Do you remember the Epic Citadel demo? Based on the Unreal Engine 3, it floored the tech community back in 2010, when it was used to showcase the first-generation iPad's graphical prowess. At this year's Game Developer Conference, Epic Games demonstrated the new Unreal Engine 4 running on a Nexus 5 smartphone (a stock unit without modifications, we assume). We know that Qualcomm's chip is quite capable, but we found it quite surprising that last year's Snapdragon 800 CPU and Adreno 330 GPU are able to deliver such rich visuals. In the end, it seems that today's mobile game developers aren't pushing Qualcomm's silicon nearly hard enough to showcase its true potential.
It's not fair to accuse game makers, however. It's not that they are lazy, or that the technology isn't there - it's just that building games at such scale and detail requires a huge investment that can hardly be recovered in a market where $8 titles are considered somewhat expensive. In addition, such games can turn out massive in terms of data size - larger than what most users can comfortably download over a Wi-Fi or 4G connection.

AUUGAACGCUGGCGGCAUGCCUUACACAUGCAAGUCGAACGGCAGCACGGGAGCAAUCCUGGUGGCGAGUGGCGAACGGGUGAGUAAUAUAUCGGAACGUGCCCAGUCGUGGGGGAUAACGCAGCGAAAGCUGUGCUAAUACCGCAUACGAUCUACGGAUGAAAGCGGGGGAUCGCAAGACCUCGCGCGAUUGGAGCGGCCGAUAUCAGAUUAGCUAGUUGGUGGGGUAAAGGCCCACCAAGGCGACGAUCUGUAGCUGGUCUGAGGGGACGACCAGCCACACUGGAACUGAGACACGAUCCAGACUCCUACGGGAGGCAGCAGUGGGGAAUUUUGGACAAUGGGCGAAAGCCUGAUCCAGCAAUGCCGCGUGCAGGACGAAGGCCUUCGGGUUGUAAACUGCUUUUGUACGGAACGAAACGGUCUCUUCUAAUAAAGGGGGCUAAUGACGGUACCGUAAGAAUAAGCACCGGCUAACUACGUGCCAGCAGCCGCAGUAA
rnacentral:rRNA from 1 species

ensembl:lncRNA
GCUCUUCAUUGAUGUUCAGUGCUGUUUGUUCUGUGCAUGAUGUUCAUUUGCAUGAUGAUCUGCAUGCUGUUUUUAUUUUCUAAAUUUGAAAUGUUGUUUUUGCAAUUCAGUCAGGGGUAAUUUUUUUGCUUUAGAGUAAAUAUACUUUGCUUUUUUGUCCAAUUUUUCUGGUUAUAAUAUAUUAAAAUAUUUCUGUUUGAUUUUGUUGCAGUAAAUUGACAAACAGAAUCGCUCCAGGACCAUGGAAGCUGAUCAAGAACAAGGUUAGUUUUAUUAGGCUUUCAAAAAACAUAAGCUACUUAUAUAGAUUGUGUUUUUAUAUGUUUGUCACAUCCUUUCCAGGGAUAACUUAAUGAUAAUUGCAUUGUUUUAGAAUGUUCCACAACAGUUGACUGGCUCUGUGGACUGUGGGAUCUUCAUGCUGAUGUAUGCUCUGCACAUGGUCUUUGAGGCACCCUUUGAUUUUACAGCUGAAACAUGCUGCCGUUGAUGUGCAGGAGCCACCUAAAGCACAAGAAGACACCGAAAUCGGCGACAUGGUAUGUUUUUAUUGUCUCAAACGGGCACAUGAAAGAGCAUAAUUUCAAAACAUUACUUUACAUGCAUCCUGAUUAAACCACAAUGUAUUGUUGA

Although most smartphone owners are casual players who play simple games to pass the time, who knows - maybe mobile games that look as impressive as this tech-demo could turn them onto complex (and expensive) games. But as everything that's great, this “maturing” of the market will take time.
Apart from looking better than ever, Unreal Engine 4 aims to ease developers with development tools that let them model levels and build games in real-time. For example, assets can be simply dragged and dropped in the level, while textures can be selected and applied instantly to the targeted object.
via G For Games